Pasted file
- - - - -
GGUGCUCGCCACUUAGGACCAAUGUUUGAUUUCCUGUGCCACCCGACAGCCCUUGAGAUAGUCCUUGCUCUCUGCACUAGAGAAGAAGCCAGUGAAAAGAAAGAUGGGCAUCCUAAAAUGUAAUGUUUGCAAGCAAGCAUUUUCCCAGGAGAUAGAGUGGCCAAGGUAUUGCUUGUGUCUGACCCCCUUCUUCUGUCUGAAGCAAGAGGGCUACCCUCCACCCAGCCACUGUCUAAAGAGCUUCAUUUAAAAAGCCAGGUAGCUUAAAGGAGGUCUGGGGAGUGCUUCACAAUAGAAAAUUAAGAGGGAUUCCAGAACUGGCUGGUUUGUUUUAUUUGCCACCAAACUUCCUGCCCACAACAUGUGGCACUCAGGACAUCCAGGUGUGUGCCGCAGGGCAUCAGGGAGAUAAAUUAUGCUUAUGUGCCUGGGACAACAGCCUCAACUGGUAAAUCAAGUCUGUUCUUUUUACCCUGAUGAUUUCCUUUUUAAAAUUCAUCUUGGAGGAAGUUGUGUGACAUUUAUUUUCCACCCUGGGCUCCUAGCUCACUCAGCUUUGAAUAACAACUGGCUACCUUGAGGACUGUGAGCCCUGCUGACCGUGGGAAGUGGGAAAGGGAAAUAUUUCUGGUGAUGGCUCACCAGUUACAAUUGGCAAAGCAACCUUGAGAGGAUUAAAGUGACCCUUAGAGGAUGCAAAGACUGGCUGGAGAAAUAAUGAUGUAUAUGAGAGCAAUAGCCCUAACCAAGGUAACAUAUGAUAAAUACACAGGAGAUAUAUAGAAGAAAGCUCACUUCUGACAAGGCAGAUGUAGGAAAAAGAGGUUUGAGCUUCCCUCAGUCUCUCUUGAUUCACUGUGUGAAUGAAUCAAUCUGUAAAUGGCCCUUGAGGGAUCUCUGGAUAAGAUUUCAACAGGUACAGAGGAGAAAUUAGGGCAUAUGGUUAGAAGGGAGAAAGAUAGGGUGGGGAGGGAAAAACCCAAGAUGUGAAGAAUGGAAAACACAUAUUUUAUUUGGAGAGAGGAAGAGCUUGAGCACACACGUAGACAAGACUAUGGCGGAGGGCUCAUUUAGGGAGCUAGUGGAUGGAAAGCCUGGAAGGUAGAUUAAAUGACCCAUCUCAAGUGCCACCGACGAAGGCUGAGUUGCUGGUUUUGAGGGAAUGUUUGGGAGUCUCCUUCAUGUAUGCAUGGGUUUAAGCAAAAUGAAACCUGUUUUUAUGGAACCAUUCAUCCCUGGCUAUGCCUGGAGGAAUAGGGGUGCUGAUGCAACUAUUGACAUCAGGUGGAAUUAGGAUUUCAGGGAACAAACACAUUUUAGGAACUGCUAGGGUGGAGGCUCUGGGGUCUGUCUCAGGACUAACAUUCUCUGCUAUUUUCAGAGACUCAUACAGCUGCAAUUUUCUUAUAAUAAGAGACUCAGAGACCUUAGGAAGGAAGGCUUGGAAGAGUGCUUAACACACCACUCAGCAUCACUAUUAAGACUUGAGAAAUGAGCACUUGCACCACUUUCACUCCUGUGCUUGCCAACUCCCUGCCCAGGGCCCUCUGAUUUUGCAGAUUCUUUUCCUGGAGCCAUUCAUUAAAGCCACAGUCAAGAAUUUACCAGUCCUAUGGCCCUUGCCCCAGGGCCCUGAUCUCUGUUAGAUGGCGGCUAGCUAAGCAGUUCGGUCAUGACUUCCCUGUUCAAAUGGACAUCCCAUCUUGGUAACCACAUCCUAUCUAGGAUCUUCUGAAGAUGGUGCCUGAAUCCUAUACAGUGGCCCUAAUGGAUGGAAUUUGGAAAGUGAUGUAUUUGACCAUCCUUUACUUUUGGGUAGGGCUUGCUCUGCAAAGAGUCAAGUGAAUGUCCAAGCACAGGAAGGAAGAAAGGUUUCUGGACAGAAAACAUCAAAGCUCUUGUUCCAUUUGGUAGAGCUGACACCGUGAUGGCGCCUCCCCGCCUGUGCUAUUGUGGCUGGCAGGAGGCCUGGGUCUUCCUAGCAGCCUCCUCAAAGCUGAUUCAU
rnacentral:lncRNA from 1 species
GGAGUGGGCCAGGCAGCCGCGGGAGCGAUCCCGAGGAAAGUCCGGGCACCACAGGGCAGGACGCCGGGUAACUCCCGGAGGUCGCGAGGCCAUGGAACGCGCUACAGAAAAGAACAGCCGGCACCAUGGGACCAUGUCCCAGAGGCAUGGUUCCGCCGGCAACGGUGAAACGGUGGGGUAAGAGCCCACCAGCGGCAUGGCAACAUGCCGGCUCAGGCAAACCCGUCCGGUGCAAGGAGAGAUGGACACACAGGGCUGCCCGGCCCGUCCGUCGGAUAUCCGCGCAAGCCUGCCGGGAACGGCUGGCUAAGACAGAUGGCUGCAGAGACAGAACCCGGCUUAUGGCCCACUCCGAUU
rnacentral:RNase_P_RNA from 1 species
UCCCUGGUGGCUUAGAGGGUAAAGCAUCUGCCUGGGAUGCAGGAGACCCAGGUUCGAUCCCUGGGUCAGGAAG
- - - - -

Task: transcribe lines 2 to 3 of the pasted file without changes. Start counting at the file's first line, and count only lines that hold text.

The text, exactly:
rnacentral:lncRNA from 1 species
GGAGUGGGCCAGGCAGCCGCGGGAGCGAUCCCGAGGAAAGUCCGGGCACCACAGGGCAGGACGCCGGGUAACUCCCGGAGGUCGCGAGGCCAUGGAACGCGCUACAGAAAAGAACAGCCGGCACCAUGGGACCAUGUCCCAGAGGCAUGGUUCCGCCGGCAACGGUGAAACGGUGGGGUAAGAGCCCACCAGCGGCAUGGCAACAUGCCGGCUCAGGCAAACCCGUCCGGUGCAAGGAGAGAUGGACACACAGGGCUGCCCGGCCCGUCCGUCGGAUAUCCGCGCAAGCCUGCCGGGAACGGCUGGCUAAGACAGAUGGCUGCAGAGACAGAACCCGGCUUAUGGCCCACUCCGAUU